In a nutshell: A mining startup called AstroForge intends to mine asteroids for their mineral content. The company has two missions planned for 2023 to test the viability of the project. The first will demonstrate excellence in zero gravity in orbit, while the second will fly around the moon to study the target rock in deep space.
First AstroForge mission planned for April. It will fly on a SpaceX Transporter-7 rocket. The trip will show investors that the company can mine and process ore in space. The team will use a CubeSat 6U loaded with “astroid” material to test its methods in zero gravity. The company has already proven that its refinery can operate in a vacuum.
AstroForge has not set a date for the second mission other than that it will take place later this year. To do this, the company intends to go into deep space and collect data from the surface of the asteroid.
AstroForge has consultants from several universities, the Institute of Planetary Science and NASA to help identify usable space rocks. Team recently published a study by the Colorado School of Mines that looked at the metal content of asteroids and how they could be mined and traded on Earth or used in space.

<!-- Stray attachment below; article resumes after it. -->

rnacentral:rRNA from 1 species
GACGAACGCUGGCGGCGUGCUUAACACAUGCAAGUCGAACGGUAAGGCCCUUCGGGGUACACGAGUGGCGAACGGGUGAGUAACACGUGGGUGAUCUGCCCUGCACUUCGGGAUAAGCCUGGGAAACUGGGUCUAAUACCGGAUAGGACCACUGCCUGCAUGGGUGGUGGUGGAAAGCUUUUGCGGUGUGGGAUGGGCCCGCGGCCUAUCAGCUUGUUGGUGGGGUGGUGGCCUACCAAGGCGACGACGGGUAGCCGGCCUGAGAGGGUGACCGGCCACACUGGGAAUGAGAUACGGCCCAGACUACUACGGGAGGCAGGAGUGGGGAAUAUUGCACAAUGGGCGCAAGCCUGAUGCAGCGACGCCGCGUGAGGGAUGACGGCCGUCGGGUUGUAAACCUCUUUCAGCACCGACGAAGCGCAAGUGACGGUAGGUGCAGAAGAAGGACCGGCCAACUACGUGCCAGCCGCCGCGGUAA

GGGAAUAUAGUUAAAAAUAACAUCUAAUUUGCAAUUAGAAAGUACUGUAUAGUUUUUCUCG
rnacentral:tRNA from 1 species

The question left by the study was whether mineral-rich asteroids have an identifiable surface texture? The company thinks so. His second sojourn in space should confirm this theory by approaching a specially targeted asteroid and studying its surface using high-resolution images.
Of course the company is not disclosure the location of the asteroid it will look at for obvious reasons. AstroForge CEO Matt Gialich would only say that “it’s closer to home than, say, a rock in the asteroid belt between Mars and Jupiter.”
“Asteroid belts, they’re far away, they’d take us like a 14-year round trip,” Gialich told TechCrunch. “This is something that is much better suited for research and exploration … This is not a viable business case for us.”
The rock that AstroForge has in mind is only an 11 month journey away. He will launch his craft into lunar orbit with a Houston-based space startup called Intuitive Machines. From there, he will make the final journey to the chosen asteroid.
Even though it has yet to leave the planet, AstroForge is already in the process of planning its next pair of missions. The third will be landing a ship on an asteroid, and the fourth will be processing and transporting platinum back to Earth.
This is a much more difficult task, but Gialich believes that his team has coped with it.
“We have to find some way to get regolith from an asteroid and process it in our refinery, and we believe we have solved this problem for our target asteroid,” he said.